Excessive alcohol intake can have serious consequences for the brain

Excessive alcohol intake can have serious consequences for the brain

Researchers from Harvard Medical School recently published a study in Alcoholism: Clinical & Experimental Research, the official journal of the Research Society on Alcoholism and the International Society for Biomedical Research on Alcoholism, documenting the negative effects chronic alcohol use has on the brain.

Drinking doesn't just damage the liver
Scientists took high-resolution structural magnetic resonance scans of two groups of participants. The first group consisted of 20 people who were light drinkers, and the second group was 31 people who had been active alcoholics for an average of 25 years before deciding to abstain from drinking. They had all been sober for about five years prior to the study.

Drinking too much alcohol can be damaging to more than just your liver.

The scans revealed that the brains of the recovered alcoholics had serious reductions in white matter pathways over their entire brains, as opposed to the light drinkers. This reduction means that their excessive alcohol use disrupted their brains' ability to communicate properly. The organ's key structures, such as the frontal gyrus, also appeared to be damaged in these former imbibers. Researchers noted that this area of the brain is in charge of making decisions, proper judgment and self-control, which could explain why alcoholics find it so difficult to quit and so easy to relapse.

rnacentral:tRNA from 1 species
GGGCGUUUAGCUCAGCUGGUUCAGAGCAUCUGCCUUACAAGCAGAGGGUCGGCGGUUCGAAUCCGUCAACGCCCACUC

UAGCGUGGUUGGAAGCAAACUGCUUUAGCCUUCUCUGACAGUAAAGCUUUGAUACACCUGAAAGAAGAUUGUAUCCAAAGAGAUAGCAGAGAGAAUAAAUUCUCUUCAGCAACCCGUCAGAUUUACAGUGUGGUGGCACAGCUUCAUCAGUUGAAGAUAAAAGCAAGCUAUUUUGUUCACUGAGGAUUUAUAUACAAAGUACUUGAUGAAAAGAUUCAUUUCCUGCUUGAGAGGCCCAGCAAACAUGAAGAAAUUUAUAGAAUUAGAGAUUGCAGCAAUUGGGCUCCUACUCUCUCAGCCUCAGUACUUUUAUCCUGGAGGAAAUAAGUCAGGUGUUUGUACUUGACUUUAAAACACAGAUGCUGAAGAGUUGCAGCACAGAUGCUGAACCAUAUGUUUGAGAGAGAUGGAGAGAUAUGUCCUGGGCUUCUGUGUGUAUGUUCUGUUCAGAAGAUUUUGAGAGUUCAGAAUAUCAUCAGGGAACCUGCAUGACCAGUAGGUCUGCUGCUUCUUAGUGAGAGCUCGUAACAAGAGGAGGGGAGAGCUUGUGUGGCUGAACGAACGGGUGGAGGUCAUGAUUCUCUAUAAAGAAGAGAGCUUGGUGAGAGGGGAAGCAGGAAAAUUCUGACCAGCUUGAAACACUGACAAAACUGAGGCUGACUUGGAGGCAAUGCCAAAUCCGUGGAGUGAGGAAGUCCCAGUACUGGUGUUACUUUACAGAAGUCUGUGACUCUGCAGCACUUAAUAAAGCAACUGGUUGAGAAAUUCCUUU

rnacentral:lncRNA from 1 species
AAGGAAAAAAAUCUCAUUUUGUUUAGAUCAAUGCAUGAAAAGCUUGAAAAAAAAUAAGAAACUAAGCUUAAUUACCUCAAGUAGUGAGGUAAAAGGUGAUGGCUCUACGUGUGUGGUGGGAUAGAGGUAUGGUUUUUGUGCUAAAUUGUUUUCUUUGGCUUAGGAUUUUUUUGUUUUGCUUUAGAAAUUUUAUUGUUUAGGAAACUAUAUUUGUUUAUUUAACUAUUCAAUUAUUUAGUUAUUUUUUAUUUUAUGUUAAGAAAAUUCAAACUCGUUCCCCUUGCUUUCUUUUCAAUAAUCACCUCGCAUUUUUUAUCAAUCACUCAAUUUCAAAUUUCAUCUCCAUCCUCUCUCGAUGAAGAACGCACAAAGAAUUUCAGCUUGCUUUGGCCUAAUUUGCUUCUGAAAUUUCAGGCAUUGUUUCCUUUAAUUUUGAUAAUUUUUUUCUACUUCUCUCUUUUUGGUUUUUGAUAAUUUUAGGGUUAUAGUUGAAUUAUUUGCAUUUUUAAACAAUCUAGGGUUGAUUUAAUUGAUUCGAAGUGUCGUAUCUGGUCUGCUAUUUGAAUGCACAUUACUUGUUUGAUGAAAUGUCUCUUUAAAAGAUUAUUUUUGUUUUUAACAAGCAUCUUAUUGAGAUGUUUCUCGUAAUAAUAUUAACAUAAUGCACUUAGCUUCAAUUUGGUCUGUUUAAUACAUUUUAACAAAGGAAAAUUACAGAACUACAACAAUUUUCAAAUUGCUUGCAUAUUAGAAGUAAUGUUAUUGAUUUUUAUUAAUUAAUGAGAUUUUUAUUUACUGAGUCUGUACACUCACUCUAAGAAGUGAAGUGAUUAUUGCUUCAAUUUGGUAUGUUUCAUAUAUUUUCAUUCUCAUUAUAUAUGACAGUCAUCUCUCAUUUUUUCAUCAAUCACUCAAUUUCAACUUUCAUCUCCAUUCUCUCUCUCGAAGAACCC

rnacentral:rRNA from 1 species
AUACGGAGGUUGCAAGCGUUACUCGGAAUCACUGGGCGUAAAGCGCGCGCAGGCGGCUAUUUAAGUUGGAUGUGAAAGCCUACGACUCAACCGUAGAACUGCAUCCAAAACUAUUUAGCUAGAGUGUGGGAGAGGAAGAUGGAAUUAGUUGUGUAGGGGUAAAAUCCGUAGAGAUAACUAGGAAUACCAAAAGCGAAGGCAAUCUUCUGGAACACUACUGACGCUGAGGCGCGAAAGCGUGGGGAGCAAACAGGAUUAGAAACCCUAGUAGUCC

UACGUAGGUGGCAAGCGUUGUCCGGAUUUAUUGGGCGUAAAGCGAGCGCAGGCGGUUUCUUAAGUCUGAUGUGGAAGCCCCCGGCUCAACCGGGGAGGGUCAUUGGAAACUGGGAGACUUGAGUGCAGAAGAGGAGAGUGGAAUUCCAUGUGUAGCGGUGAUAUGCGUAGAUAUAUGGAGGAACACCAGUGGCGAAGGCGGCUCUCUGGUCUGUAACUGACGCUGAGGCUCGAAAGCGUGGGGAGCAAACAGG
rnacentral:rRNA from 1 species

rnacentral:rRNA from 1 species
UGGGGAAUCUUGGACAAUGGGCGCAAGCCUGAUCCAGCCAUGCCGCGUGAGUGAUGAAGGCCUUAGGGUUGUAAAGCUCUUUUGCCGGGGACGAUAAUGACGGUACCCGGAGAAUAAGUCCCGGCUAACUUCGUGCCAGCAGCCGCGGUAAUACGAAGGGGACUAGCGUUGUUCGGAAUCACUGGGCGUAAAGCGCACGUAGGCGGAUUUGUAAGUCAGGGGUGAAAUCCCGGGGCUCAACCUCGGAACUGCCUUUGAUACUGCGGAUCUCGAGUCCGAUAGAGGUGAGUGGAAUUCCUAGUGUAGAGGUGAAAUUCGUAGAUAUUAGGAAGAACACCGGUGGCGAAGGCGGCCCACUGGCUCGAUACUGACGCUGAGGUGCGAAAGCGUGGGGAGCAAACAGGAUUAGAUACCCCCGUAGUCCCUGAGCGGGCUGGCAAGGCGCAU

"For your health, it is best to consume alcohol lightly or not at all."

Researchers believe this study will serve to reinforce what the medical community already preaches: For your health, it is best to consume alcohol lightly or not at all. The longer you are a heavy drinker, the more serious damage you could do to your body.

Focus on your brain's health
Keep your mind alert and healthy by cutting back your drinking. Additionally, support your brain's wellness by getting plenty of sleep, socializing regularly, exercising, learning new things and eating a nutritious diet. An important element of brain-healthy meals is omega-3 fatty acids. This health-boosting compound has been shown to positively affect mental wellness. It can be found in foods like fish, leafy greens, berries and olive oil. It can also be easily consumed by taking the premium supplement Omax3.

Omax3 capsules contain 91 percent concentrated omega-3, while similar products typically contain between 30 and 40 percent. Developed by doctors associated with Yale University, it is the best choice for maximum human performance.

Essential takeaways

  • Researchers found that people who had consumed large amounts of alcohol over a long period of time had significantly less healthy white matter pathways in their brain than light drinkers.
  • This reduction in white matter affected their abilities to make decisions and demonstrate self-control.
  • Keep your brain healthy by cutting back on alcohol use and by eating a diet rich in omega-3 fatty acids like those found in Omax3.